This past week our team leader met with senior officials from Passport Canada. What an eye opener that was.
We had proposed a meeting to discuss diplomatic and special or official service visas for government and military clients. The reason was due to our team having seen the poor attitude and abysmal service from the government clerks and drivers who are currently tasked with visiting the embassies and high commissions to get visas on behalf of the government. Direct witnessing and feedback from embassy workers shows that the Canadian government staff are not viewed as being professional or courteous. Another set of events which brought the special visa issue to our attention is that fact that civil servants from a wide range of departments and agencies, as well as military officials, have come to us for visas and visa advice.
The response by Passport Canada to this information was both shock and outright denial.
Passport Canada officials had no idea civil servants and military staff were looking for visa services outside of the government. This they quickly noted and vowed to investigate. One official immediately assigned blame to renegade managers in various departments. There was no consideration that perhaps poor service by Passport Canada could be driving away their in-house clients.
But the most bizarre response to the information was the outright denial that there were any such problems. One senior official demanded 'where is your data?', and followed by stating that they had 'never heard a complaint' about this before.
That must be the ultimate weasel excuse: I never heard that complaint before. Are you asking the right people? Are you looking in the right places? Are you listening when issues are exposed? Judging from the reception this information received by some senior officials, Passport Canada is not necessarily receptive to negative information. My team was told that such stories were only anecdotal, and that there was no numerical data to back up the assertion of a problem at the face-to-face level in the embassies.
In the real world of customer service in the private sector, it is said that for every complaint you hear, another fifteen customers said nothing but were unhappy and will probably never come back. In the world of Passport Canada, one senior official repeated no less than four times during the meeting that they had a 98% approval rating from Canadian passport-seeking clients. This was strange as the CEO of Passport Canada says the approval rating is only 96%. Well, when you have a total monopoly, you can afford to blow off the complaints of the other 2% even though they amount to 87 500 people, or 175 000 people at the CEO's 4%. These figures are based on the number of passports issued in the last year for which there is an annual report.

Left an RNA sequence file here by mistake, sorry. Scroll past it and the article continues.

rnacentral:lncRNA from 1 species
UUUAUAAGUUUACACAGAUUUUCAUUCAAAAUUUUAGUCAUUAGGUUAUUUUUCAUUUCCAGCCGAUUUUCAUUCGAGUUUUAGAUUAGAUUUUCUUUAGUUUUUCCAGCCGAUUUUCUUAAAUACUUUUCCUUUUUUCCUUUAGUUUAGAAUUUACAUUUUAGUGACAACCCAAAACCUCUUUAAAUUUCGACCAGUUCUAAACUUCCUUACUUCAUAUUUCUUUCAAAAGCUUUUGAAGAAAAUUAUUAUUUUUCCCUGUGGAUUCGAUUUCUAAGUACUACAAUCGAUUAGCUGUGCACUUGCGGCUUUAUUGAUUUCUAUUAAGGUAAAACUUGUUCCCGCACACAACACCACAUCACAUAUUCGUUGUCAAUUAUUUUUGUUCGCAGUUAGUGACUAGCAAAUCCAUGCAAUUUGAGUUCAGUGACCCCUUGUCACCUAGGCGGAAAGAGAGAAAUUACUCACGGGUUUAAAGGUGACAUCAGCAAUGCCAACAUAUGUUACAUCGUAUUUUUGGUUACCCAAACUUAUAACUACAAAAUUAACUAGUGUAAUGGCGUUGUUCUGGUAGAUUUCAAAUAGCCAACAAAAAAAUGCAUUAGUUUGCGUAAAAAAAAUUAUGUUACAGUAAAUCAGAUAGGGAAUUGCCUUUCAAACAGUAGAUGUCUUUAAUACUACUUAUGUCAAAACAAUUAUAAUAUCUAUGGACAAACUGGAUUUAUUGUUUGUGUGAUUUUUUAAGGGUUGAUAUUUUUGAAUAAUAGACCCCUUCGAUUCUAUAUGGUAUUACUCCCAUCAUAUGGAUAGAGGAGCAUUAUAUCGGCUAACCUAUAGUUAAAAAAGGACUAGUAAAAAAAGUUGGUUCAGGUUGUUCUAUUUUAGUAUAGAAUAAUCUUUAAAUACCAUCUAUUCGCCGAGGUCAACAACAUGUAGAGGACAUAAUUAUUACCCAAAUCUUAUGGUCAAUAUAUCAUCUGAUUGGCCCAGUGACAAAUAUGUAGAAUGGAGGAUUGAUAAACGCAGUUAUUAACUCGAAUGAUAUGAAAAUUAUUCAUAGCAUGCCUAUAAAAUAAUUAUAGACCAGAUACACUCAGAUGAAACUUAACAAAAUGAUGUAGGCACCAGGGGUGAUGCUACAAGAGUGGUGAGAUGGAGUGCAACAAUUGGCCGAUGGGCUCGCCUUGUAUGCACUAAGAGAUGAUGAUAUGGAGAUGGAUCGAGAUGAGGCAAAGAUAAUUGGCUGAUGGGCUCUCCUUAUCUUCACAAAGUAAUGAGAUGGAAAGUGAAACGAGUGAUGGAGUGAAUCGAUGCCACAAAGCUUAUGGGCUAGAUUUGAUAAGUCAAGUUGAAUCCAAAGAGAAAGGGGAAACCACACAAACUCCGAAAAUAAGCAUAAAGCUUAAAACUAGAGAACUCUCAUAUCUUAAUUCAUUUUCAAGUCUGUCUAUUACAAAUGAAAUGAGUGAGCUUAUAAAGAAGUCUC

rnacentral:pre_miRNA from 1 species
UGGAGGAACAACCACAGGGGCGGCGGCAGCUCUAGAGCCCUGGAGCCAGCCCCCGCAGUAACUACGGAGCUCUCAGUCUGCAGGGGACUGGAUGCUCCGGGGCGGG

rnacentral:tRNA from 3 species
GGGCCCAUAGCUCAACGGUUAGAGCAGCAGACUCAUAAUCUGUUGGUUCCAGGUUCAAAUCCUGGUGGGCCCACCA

My team did learn that Passport Canada has an entire division of people tasked with providing diplomatic and service visa support to the government, and that this group has about 20 permanent staff and takes on extra staff during peak periods. Now this group has to process an estimated 2000 civilian special visas per year, or about 100 visas per person per year, or two visas per person per week. Since the military visas are done as a group for single countries, they would not even qualify as individual cases in the business world, but simply be done as a single group.
How can this even be possible? How can an organization do so few visas with so many staff? What are Canadians getting for their tax money and for their passport fees?
In the private sector this work is done by fewer than five people.
Why can my team do this job with a fifth of the staff, and without alienating the embassy workers, while the government seems to need a bloated and inefficient group?
Over the years Passport Canada has had a significant number of senior officials posted in to try to fix what has historically been a somewhat dysfunctional agency. This is not going to change any time soon. Making the situation worse is the unwillingness of some senior staff to listen to outside criticism and to accept offers of assistance.
Canadian taxpayers and the Canadian government and military deserve better.